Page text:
Watching an interview with Harrison Ford is like watching George Lucas’s first feature film, THX-1138. You practically have to stab yourself with a pin to keep awake.
Recently scanning stories on the ‘Net, I came across a story on Movieline called “Harrison Ford’s Long History of Hating Star Wars.”
Mike Ryan, who is also a contributor for Vanity Fair, writes, “I’ve heard through the grapevine more than once that Ford is not a fan of the subject of Star Wars.
“…I was told that before the 30th anniversary part for The Empire Strikes Back, Ford was sarcastically trying to build excitement amongst people he would meet by promising, ‘The guy in the dog suit will be there.'”
On The Onion’s list of 17 Notoriously Prickly Interview Subjects, Ford came in third among other great misanthropes of the 20th century like Billy Bob Thornton, Lou Reed, Gene Simmons, Tommy Lee Jones, and the man so inarticulate he makes Rodney Bingenheimer look like Mark Twain, Robert DeNiro.
This article also warned any prospective Ford interviewer, “Never ask him about Han solo or Indiana Jones, and certainly don’t ask about them in the same question. And definitely don’t open with that question, either, because things will go downhill from there.”
In master interviewer Lawrence Grobel’s book, The Art of the Interview, more than one fellow journalist complained about how trying to interview Ford about anything or get anything quotable out of him is mission impossible.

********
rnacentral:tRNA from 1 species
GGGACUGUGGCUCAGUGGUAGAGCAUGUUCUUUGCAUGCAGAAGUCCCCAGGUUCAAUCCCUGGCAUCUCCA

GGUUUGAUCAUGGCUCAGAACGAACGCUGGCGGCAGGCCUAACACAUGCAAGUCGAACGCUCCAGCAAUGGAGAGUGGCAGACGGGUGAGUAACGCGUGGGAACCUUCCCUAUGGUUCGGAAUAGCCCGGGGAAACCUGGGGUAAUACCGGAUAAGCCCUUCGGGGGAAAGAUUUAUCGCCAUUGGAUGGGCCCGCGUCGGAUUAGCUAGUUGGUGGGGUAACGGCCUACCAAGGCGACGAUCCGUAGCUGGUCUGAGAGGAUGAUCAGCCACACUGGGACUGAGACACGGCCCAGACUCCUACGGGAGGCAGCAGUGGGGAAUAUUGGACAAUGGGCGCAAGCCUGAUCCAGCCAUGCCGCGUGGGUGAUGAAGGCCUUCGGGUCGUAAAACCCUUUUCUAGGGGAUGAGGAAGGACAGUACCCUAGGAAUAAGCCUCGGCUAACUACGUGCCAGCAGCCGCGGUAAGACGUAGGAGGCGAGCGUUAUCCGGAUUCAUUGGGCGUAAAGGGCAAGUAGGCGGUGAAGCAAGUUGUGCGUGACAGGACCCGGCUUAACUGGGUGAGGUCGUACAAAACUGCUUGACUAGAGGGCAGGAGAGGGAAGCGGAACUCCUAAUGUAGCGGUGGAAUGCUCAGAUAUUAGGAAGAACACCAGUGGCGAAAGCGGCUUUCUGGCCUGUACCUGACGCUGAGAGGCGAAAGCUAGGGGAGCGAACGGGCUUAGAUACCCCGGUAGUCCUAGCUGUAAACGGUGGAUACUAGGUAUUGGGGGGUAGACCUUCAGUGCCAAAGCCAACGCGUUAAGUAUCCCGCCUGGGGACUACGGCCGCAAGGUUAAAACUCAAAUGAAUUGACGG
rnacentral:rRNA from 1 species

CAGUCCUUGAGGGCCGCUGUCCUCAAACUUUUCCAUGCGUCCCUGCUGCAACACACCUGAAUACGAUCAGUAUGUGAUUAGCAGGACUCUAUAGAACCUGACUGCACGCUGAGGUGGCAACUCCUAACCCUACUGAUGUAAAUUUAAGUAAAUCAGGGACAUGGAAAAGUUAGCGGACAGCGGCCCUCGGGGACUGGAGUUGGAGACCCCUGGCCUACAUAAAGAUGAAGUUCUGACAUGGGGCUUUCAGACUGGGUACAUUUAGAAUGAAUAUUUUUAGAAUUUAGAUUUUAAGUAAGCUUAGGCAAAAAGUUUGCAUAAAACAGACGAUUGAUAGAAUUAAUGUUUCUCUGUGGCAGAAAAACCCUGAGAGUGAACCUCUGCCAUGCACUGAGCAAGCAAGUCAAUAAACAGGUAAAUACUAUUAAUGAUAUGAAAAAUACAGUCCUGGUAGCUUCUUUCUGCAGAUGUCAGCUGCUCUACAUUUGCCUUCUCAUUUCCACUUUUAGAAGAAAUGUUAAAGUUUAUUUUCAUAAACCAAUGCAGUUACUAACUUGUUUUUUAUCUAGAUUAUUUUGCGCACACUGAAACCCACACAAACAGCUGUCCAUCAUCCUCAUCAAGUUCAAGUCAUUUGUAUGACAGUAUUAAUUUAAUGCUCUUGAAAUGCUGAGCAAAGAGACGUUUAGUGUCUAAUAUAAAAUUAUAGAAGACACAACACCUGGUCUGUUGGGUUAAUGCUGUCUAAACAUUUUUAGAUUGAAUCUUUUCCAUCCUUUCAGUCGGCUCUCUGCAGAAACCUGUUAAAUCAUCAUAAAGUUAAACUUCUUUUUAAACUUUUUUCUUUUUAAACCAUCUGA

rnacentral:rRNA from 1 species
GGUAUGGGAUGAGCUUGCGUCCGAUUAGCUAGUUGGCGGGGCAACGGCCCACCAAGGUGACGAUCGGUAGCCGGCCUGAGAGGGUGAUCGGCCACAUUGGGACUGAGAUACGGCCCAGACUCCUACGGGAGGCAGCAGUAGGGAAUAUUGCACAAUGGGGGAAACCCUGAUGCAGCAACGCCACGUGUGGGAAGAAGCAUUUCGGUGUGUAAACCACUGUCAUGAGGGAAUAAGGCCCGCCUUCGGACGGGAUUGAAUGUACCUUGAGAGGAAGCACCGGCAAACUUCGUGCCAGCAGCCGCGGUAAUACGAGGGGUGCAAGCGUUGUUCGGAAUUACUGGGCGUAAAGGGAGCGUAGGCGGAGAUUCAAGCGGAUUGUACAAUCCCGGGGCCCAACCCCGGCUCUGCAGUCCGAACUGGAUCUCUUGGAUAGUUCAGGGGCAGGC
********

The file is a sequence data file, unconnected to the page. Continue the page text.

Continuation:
Grobel apparently found this out when he interviewed Ford himself, who was very guarded, bland, testy where anything personal came up, but straight forward on one subject: Why he’s not a good interview.
“I’m just a simple guy who doesn’t have the much to say and is not that interested in hearing it back…Certainly I reflect on my life, but I don’t feel I owe it to anybody to share my reflections on myself. And I don’t feel that I have either the right or the responsibility to speak about a lot of issues that I don’t know enough about.”
Funny enough, Ford, a former carpenter, was very articulate when Grobel asked him why screen doors don’t work:
“Probably because the weight of the top and bottom rail is not sufficient to bear the strain put on it by the pneumatic door closing. Best to go with a solid bottom half, the dogs and kids won’t kick it in to start with, and you’ll have more meat on that middle rail.”